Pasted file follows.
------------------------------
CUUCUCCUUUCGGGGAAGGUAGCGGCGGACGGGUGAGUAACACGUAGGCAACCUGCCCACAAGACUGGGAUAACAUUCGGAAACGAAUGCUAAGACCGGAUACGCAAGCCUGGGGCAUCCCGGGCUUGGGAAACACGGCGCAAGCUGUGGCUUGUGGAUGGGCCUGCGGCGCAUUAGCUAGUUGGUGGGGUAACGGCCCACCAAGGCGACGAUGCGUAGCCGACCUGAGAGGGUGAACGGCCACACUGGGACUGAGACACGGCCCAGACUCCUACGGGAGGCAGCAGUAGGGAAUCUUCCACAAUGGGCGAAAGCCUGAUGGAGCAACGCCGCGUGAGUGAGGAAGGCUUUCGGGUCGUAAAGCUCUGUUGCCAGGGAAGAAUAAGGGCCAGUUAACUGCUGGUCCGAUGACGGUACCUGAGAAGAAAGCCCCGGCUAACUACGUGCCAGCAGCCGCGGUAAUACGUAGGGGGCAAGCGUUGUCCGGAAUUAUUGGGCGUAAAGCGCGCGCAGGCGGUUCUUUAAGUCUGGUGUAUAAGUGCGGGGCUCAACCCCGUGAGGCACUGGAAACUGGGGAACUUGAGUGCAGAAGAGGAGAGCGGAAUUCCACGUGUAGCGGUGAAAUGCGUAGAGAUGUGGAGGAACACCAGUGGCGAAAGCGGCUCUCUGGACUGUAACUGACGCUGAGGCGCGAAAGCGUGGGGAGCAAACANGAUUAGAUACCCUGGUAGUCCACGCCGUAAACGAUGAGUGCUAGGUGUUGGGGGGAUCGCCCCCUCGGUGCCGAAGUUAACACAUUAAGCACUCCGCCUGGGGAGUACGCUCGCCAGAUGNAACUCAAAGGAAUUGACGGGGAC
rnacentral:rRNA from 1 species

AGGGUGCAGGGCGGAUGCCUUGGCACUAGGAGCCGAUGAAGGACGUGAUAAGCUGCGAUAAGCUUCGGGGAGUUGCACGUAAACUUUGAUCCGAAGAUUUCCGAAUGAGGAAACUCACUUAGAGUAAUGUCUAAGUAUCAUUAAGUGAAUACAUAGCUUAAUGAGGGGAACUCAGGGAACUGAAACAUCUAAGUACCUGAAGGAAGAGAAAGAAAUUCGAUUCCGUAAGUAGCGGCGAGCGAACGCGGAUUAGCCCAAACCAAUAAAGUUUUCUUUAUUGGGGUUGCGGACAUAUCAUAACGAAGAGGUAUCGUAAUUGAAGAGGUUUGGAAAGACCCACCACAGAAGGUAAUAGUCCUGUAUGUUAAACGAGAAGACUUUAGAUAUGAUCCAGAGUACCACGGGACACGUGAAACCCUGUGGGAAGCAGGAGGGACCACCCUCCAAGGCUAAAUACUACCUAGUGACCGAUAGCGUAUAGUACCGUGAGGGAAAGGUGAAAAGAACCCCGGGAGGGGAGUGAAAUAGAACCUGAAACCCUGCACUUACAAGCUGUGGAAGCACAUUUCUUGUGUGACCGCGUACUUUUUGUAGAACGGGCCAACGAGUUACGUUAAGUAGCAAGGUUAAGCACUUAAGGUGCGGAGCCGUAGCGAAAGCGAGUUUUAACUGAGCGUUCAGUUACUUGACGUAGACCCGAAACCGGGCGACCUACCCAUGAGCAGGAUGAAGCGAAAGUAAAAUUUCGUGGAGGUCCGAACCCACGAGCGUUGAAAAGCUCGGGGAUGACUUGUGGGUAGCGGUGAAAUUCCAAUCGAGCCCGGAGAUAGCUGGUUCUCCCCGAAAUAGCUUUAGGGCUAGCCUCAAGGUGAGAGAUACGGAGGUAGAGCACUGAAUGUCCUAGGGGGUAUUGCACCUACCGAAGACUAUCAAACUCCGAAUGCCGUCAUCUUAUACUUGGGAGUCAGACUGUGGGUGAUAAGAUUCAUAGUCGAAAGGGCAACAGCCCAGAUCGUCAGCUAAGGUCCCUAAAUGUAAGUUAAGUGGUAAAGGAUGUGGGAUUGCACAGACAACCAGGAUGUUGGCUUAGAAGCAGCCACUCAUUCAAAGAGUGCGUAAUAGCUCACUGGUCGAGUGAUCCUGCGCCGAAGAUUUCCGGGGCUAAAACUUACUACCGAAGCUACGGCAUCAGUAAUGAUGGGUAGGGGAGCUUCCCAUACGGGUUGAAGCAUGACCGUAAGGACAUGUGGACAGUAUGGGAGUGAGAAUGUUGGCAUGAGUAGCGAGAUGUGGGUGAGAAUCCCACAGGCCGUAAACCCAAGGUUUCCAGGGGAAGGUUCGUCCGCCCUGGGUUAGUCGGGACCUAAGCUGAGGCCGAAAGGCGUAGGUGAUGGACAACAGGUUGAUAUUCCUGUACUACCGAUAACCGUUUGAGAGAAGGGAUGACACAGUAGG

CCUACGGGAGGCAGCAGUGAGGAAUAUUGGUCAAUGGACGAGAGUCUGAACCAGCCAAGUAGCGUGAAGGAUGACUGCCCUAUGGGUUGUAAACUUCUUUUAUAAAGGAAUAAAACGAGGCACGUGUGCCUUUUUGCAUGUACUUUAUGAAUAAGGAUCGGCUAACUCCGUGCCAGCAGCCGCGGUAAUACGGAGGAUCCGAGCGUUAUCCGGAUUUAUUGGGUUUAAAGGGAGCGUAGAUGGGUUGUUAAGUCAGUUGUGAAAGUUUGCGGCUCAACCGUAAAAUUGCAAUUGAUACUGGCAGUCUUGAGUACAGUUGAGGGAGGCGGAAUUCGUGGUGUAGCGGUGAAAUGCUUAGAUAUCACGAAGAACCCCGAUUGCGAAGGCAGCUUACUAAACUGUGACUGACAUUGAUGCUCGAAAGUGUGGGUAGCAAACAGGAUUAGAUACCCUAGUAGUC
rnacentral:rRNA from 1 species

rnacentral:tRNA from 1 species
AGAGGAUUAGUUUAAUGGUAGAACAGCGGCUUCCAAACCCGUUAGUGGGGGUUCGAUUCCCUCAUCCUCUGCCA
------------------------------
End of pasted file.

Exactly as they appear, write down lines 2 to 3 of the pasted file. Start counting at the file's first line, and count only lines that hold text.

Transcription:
rnacentral:rRNA from 1 species

AGGGUGCAGGGCGGAUGCCUUGGCACUAGGAGCCGAUGAAGGACGUGAUAAGCUGCGAUAAGCUUCGGGGAGUUGCACGUAAACUUUGAUCCGAAGAUUUCCGAAUGAGGAAACUCACUUAGAGUAAUGUCUAAGUAUCAUUAAGUGAAUACAUAGCUUAAUGAGGGGAACUCAGGGAACUGAAACAUCUAAGUACCUGAAGGAAGAGAAAGAAAUUCGAUUCCGUAAGUAGCGGCGAGCGAACGCGGAUUAGCCCAAACCAAUAAAGUUUUCUUUAUUGGGGUUGCGGACAUAUCAUAACGAAGAGGUAUCGUAAUUGAAGAGGUUUGGAAAGACCCACCACAGAAGGUAAUAGUCCUGUAUGUUAAACGAGAAGACUUUAGAUAUGAUCCAGAGUACCACGGGACACGUGAAACCCUGUGGGAAGCAGGAGGGACCACCCUCCAAGGCUAAAUACUACCUAGUGACCGAUAGCGUAUAGUACCGUGAGGGAAAGGUGAAAAGAACCCCGGGAGGGGAGUGAAAUAGAACCUGAAACCCUGCACUUACAAGCUGUGGAAGCACAUUUCUUGUGUGACCGCGUACUUUUUGUAGAACGGGCCAACGAGUUACGUUAAGUAGCAAGGUUAAGCACUUAAGGUGCGGAGCCGUAGCGAAAGCGAGUUUUAACUGAGCGUUCAGUUACUUGACGUAGACCCGAAACCGGGCGACCUACCCAUGAGCAGGAUGAAGCGAAAGUAAAAUUUCGUGGAGGUCCGAACCCACGAGCGUUGAAAAGCUCGGGGAUGACUUGUGGGUAGCGGUGAAAUUCCAAUCGAGCCCGGAGAUAGCUGGUUCUCCCCGAAAUAGCUUUAGGGCUAGCCUCAAGGUGAGAGAUACGGAGGUAGAGCACUGAAUGUCCUAGGGGGUAUUGCACCUACCGAAGACUAUCAAACUCCGAAUGCCGUCAUCUUAUACUUGGGAGUCAGACUGUGGGUGAUAAGAUUCAUAGUCGAAAGGGCAACAGCCCAGAUCGUCAGCUAAGGUCCCUAAAUGUAAGUUAAGUGGUAAAGGAUGUGGGAUUGCACAGACAACCAGGAUGUUGGCUUAGAAGCAGCCACUCAUUCAAAGAGUGCGUAAUAGCUCACUGGUCGAGUGAUCCUGCGCCGAAGAUUUCCGGGGCUAAAACUUACUACCGAAGCUACGGCAUCAGUAAUGAUGGGUAGGGGAGCUUCCCAUACGGGUUGAAGCAUGACCGUAAGGACAUGUGGACAGUAUGGGAGUGAGAAUGUUGGCAUGAGUAGCGAGAUGUGGGUGAGAAUCCCACAGGCCGUAAACCCAAGGUUUCCAGGGGAAGGUUCGUCCGCCCUGGGUUAGUCGGGACCUAAGCUGAGGCCGAAAGGCGUAGGUGAUGGACAACAGGUUGAUAUUCCUGUACUACCGAUAACCGUUUGAGAGAAGGGAUGACACAGUAGG